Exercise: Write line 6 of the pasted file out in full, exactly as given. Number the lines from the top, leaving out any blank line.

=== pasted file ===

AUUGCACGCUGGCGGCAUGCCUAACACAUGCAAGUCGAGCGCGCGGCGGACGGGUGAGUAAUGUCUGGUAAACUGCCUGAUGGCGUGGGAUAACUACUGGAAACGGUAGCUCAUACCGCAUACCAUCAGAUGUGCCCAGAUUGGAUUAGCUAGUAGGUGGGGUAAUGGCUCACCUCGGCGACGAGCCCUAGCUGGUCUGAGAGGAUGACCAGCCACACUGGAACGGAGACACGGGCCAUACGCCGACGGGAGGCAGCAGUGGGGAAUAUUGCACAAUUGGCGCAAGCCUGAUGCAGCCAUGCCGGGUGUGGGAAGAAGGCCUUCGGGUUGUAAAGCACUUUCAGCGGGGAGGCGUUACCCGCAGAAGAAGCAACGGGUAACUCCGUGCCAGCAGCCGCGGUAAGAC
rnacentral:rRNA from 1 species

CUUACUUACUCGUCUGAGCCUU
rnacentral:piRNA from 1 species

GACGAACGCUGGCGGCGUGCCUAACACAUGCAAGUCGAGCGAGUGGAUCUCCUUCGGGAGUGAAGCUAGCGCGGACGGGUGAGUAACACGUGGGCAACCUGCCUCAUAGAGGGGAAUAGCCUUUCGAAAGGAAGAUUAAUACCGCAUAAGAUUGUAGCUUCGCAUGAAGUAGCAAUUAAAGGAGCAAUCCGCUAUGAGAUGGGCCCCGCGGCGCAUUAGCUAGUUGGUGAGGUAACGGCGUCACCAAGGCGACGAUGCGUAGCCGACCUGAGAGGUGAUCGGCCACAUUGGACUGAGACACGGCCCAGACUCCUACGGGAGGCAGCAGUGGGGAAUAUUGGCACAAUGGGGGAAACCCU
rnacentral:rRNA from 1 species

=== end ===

rnacentral:rRNA from 1 species